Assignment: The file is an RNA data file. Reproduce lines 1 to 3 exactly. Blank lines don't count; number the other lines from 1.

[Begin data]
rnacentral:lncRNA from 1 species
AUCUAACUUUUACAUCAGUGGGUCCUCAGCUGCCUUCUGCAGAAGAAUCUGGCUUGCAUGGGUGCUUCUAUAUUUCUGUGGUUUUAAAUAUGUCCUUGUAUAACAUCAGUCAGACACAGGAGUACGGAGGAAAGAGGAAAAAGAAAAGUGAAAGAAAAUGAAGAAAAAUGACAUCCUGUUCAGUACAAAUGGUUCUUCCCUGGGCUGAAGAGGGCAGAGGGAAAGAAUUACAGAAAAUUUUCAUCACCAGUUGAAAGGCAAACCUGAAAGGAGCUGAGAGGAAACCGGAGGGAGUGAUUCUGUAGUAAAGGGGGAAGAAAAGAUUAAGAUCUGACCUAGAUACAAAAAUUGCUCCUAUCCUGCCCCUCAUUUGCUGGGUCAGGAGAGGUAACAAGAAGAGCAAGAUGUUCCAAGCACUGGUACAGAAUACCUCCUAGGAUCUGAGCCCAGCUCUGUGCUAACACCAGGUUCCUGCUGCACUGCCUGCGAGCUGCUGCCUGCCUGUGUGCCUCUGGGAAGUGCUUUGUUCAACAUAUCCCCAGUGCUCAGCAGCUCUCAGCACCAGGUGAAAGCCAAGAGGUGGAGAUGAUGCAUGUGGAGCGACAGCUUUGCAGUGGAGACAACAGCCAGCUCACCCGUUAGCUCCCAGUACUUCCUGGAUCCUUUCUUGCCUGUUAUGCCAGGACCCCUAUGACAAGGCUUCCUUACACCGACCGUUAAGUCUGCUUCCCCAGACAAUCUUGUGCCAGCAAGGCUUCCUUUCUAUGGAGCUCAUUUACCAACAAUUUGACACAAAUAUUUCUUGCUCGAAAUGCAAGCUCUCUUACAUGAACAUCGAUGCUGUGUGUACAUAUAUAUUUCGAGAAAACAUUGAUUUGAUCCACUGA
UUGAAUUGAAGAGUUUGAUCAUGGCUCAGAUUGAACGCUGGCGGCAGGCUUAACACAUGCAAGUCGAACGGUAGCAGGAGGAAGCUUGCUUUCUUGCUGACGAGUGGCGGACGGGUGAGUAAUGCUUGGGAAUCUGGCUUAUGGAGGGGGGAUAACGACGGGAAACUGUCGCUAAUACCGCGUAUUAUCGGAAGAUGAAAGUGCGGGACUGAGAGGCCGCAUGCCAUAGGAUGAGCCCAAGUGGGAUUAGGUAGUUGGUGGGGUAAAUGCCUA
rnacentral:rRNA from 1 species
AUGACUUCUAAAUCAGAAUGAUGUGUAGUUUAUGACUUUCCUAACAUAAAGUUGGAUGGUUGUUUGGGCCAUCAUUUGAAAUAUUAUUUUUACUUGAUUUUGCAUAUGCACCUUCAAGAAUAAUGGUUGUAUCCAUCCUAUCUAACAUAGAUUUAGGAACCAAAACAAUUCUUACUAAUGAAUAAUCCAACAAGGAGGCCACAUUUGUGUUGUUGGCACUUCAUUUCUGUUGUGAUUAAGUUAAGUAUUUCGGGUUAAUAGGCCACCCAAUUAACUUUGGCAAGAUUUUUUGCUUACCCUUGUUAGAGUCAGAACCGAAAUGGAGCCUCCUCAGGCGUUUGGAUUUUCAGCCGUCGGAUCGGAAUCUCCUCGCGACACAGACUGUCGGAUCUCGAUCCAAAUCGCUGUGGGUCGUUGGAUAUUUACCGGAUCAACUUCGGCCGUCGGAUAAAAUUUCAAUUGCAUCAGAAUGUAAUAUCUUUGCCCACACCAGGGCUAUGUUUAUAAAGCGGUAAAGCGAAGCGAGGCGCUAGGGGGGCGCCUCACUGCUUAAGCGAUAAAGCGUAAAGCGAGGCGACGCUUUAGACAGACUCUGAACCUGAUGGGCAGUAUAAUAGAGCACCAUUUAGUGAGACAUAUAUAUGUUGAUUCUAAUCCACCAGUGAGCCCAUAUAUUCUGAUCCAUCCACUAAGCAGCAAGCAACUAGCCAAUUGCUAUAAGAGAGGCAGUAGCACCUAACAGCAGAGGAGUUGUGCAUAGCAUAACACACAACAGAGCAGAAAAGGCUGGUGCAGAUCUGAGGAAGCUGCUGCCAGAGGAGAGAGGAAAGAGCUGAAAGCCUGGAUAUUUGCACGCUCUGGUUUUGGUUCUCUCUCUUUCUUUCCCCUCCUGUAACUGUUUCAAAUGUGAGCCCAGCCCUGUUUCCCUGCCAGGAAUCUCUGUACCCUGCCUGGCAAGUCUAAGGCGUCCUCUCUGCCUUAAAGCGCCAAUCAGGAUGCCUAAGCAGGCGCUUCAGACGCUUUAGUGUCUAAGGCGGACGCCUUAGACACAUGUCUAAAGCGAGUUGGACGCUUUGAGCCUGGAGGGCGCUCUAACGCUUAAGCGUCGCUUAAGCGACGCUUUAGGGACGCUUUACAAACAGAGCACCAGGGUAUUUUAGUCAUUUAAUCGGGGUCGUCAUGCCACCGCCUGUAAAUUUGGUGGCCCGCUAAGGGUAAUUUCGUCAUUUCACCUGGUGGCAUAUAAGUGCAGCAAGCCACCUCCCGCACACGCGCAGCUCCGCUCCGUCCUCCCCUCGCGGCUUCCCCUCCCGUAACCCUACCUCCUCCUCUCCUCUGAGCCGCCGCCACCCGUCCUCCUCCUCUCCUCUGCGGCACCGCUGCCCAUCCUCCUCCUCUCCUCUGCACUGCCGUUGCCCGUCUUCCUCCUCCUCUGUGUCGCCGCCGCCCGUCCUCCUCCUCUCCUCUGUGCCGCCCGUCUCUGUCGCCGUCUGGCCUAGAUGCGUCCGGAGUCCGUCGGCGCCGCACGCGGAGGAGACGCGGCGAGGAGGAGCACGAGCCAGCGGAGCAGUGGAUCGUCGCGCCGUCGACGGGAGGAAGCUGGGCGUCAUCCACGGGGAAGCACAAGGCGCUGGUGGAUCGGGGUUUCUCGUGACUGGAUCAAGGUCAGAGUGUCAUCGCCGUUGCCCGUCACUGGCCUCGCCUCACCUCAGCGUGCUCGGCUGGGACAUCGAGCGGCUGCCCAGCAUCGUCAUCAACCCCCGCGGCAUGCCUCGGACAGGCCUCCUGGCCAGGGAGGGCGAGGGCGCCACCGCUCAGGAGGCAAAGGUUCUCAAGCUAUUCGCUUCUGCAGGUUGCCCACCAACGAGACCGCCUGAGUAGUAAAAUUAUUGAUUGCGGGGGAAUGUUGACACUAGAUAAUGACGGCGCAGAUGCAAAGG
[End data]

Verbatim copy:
rnacentral:lncRNA from 1 species
AUCUAACUUUUACAUCAGUGGGUCCUCAGCUGCCUUCUGCAGAAGAAUCUGGCUUGCAUGGGUGCUUCUAUAUUUCUGUGGUUUUAAAUAUGUCCUUGUAUAACAUCAGUCAGACACAGGAGUACGGAGGAAAGAGGAAAAAGAAAAGUGAAAGAAAAUGAAGAAAAAUGACAUCCUGUUCAGUACAAAUGGUUCUUCCCUGGGCUGAAGAGGGCAGAGGGAAAGAAUUACAGAAAAUUUUCAUCACCAGUUGAAAGGCAAACCUGAAAGGAGCUGAGAGGAAACCGGAGGGAGUGAUUCUGUAGUAAAGGGGGAAGAAAAGAUUAAGAUCUGACCUAGAUACAAAAAUUGCUCCUAUCCUGCCCCUCAUUUGCUGGGUCAGGAGAGGUAACAAGAAGAGCAAGAUGUUCCAAGCACUGGUACAGAAUACCUCCUAGGAUCUGAGCCCAGCUCUGUGCUAACACCAGGUUCCUGCUGCACUGCCUGCGAGCUGCUGCCUGCCUGUGUGCCUCUGGGAAGUGCUUUGUUCAACAUAUCCCCAGUGCUCAGCAGCUCUCAGCACCAGGUGAAAGCCAAGAGGUGGAGAUGAUGCAUGUGGAGCGACAGCUUUGCAGUGGAGACAACAGCCAGCUCACCCGUUAGCUCCCAGUACUUCCUGGAUCCUUUCUUGCCUGUUAUGCCAGGACCCCUAUGACAAGGCUUCCUUACACCGACCGUUAAGUCUGCUUCCCCAGACAAUCUUGUGCCAGCAAGGCUUCCUUUCUAUGGAGCUCAUUUACCAACAAUUUGACACAAAUAUUUCUUGCUCGAAAUGCAAGCUCUCUUACAUGAACAUCGAUGCUGUGUGUACAUAUAUAUUUCGAGAAAACAUUGAUUUGAUCCACUGA
UUGAAUUGAAGAGUUUGAUCAUGGCUCAGAUUGAACGCUGGCGGCAGGCUUAACACAUGCAAGUCGAACGGUAGCAGGAGGAAGCUUGCUUUCUUGCUGACGAGUGGCGGACGGGUGAGUAAUGCUUGGGAAUCUGGCUUAUGGAGGGGGGAUAACGACGGGAAACUGUCGCUAAUACCGCGUAUUAUCGGAAGAUGAAAGUGCGGGACUGAGAGGCCGCAUGCCAUAGGAUGAGCCCAAGUGGGAUUAGGUAGUUGGUGGGGUAAAUGCCUA